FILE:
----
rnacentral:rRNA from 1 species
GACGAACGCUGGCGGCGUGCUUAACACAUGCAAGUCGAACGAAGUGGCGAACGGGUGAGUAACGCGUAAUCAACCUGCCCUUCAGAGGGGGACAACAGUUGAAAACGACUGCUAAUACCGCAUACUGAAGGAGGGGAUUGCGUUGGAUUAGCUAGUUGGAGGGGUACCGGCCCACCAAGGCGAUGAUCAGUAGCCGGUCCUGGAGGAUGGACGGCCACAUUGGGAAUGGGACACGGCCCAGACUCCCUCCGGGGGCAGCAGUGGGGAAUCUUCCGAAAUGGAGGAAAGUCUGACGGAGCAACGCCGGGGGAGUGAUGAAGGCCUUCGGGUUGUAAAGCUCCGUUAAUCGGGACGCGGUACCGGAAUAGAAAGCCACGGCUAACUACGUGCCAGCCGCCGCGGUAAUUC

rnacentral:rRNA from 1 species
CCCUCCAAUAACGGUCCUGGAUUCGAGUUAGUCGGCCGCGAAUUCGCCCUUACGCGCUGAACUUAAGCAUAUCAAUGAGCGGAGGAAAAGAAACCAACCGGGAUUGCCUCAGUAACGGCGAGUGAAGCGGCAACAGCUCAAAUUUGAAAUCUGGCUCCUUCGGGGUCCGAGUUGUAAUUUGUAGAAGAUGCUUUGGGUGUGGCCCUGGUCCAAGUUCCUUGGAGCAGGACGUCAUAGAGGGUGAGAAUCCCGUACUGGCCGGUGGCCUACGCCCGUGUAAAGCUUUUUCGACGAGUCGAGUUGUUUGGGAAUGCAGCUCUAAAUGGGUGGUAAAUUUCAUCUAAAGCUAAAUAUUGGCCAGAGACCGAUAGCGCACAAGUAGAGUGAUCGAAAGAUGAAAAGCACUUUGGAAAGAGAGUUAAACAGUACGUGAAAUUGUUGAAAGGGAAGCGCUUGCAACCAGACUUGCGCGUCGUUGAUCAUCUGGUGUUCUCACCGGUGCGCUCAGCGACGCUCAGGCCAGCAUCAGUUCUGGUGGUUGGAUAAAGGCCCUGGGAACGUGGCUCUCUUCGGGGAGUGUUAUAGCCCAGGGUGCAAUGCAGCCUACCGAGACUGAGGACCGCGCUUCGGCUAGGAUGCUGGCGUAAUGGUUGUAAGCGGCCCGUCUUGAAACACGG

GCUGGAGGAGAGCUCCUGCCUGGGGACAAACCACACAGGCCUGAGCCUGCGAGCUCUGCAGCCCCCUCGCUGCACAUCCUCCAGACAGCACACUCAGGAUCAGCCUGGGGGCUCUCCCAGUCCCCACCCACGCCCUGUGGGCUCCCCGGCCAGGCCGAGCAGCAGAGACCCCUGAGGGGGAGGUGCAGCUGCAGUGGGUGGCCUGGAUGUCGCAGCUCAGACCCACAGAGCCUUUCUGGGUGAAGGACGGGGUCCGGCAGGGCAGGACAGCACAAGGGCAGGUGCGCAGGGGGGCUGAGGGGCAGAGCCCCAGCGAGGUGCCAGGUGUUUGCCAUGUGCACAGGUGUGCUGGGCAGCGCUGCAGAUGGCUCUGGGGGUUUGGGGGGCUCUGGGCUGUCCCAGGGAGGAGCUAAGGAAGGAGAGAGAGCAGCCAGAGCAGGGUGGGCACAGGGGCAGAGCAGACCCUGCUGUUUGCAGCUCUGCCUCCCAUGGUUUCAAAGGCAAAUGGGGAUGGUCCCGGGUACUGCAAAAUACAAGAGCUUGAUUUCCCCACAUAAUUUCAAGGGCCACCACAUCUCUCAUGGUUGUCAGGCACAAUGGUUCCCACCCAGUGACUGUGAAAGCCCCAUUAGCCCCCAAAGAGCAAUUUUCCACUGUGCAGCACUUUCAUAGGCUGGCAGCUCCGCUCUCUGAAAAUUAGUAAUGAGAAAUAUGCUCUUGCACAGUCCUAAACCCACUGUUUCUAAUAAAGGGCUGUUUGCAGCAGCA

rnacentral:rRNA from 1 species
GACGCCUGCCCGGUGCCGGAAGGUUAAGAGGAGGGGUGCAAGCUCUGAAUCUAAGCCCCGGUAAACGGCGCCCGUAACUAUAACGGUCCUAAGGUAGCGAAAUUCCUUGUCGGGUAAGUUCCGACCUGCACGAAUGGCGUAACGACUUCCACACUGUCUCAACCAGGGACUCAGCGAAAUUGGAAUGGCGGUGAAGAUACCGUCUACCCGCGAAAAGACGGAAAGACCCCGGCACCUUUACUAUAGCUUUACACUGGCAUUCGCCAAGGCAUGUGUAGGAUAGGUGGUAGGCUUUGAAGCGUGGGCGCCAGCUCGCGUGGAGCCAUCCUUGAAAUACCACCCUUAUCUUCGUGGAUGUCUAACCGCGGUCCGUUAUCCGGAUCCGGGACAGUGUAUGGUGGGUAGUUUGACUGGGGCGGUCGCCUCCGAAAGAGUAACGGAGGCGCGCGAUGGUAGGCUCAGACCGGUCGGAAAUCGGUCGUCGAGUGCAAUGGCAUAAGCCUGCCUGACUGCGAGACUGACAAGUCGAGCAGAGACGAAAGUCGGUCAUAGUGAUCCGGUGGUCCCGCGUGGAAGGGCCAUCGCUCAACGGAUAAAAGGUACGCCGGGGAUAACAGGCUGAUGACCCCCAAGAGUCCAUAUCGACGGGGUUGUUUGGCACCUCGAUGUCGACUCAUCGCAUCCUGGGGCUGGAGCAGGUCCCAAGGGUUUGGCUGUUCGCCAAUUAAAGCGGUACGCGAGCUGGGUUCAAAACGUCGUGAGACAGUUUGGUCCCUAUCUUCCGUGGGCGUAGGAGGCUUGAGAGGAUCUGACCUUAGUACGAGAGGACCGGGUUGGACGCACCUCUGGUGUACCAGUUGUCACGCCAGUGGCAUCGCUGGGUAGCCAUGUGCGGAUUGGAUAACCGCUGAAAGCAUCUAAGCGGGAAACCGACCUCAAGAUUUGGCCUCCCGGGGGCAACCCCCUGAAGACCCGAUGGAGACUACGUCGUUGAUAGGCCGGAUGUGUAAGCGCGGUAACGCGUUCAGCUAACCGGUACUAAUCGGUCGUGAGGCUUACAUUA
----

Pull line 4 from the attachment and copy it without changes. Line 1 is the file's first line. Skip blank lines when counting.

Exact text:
CCCUCCAAUAACGGUCCUGGAUUCGAGUUAGUCGGCCGCGAAUUCGCCCUUACGCGCUGAACUUAAGCAUAUCAAUGAGCGGAGGAAAAGAAACCAACCGGGAUUGCCUCAGUAACGGCGAGUGAAGCGGCAACAGCUCAAAUUUGAAAUCUGGCUCCUUCGGGGUCCGAGUUGUAAUUUGUAGAAGAUGCUUUGGGUGUGGCCCUGGUCCAAGUUCCUUGGAGCAGGACGUCAUAGAGGGUGAGAAUCCCGUACUGGCCGGUGGCCUACGCCCGUGUAAAGCUUUUUCGACGAGUCGAGUUGUUUGGGAAUGCAGCUCUAAAUGGGUGGUAAAUUUCAUCUAAAGCUAAAUAUUGGCCAGAGACCGAUAGCGCACAAGUAGAGUGAUCGAAAGAUGAAAAGCACUUUGGAAAGAGAGUUAAACAGUACGUGAAAUUGUUGAAAGGGAAGCGCUUGCAACCAGACUUGCGCGUCGUUGAUCAUCUGGUGUUCUCACCGGUGCGCUCAGCGACGCUCAGGCCAGCAUCAGUUCUGGUGGUUGGAUAAAGGCCCUGGGAACGUGGCUCUCUUCGGGGAGUGUUAUAGCCCAGGGUGCAAUGCAGCCUACCGAGACUGAGGACCGCGCUUCGGCUAGGAUGCUGGCGUAAUGGUUGUAAGCGGCCCGUCUUGAAACACGG